KYC processes required by banks are repetitive, and there is little competitive advantage to be gained in a bank creating its own unique process now that digital onboarding has become the norm. Still, it’s necessary that KYC be handled by each individual institution, requiring banks to invest significantly in both the data collection process, user experience and how it’s managed in back-end systems.
Could Blockchain Help Financial Institutions Improve Know your Customer Data Management & Compliance?
While technology has enabled know your customer (KYC) proceedings to become a relatively pain-free, streamlined digital process on the front-end, the question of how to best manage consumer data collected during the KYC phase is far from answered. In the not-so-distant future, blockchain technology has the potential to enable a wide-ranging, global solution.
As people continue to share their personally identifiable information (PII) at unprecedented rates, new data protection regulations like GDPR in the EU and CCPA in California are forcing banks to get their act together in terms of how they manage consumer data. Even so, there’s still a lot of room for improvement and standardization in this space, as most financial institutions are relying on bespoke, disparate API protocols to manage, share and report on their consumer data.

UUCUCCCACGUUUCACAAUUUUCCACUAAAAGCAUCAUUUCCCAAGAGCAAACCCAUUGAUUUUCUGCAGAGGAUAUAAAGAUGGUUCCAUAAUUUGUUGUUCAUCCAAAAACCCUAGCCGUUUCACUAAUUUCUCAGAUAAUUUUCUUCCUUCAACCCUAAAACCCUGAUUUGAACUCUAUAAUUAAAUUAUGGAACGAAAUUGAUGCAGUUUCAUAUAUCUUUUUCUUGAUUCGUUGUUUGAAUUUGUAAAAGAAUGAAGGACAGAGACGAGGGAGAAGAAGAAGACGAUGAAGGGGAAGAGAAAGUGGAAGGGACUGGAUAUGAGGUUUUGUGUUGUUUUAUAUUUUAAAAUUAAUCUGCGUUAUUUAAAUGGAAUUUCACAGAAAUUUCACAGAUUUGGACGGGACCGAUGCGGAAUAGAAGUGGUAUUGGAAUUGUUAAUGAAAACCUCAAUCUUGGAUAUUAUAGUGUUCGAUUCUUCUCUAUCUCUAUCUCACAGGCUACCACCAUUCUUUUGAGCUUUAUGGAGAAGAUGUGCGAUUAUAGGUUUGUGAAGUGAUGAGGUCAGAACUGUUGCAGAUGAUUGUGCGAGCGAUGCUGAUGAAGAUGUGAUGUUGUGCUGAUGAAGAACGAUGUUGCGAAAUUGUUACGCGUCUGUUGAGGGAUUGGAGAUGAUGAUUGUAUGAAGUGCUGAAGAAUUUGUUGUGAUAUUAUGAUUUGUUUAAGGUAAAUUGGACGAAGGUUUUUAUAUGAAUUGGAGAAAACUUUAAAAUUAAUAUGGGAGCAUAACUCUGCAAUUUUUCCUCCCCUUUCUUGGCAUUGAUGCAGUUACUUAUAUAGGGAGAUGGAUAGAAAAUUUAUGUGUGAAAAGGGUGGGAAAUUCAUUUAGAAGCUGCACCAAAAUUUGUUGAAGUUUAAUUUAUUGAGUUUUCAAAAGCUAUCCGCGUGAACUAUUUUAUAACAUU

Financial institutions need a long-term strategy to protect their customers’ KYC data and overall privacy. This blog explores a few of the current state challenges associated with KYC and evaluates whether blockchain is the right technology to solve them.
Current KYC Challenges & How Blockchain Could Help
While many banks are creating dashboards to enable consumers to control where and how their data is shared, that doesn’t solve the majority of underlying data management issues. What’s more, financial institutions spend an average of $48 million annually on KYC processes, creating a cost burden that is likely to grow as more regulations are introduced. Here are some areas where blockchain’s DLT could make a real impact in improving data management and reducing costs:
With the regulatory mandate of Open Banking in the EU and the overall push for open sourcing solutions across the financial services industry, the banking landscape is favorably positioned to adopt a new technology like blockchain that could prove beneficial for financial institutions. Indeed, given its potential to standardize KYC data management, consolidate data storage on a single platform for all banks, help ensure compliance with new and existing regulations, and reduce technical debt, blockchain shows a lot of promise as a long-term solution for financial institutions and other types of businesses tasked with handling large volumes of consumer data.
Despite the potential, designing and deploying these blockchain solutions is going to take a lot of time and resources, which is why there are very few low-hanging fruits and quick wins in this space.
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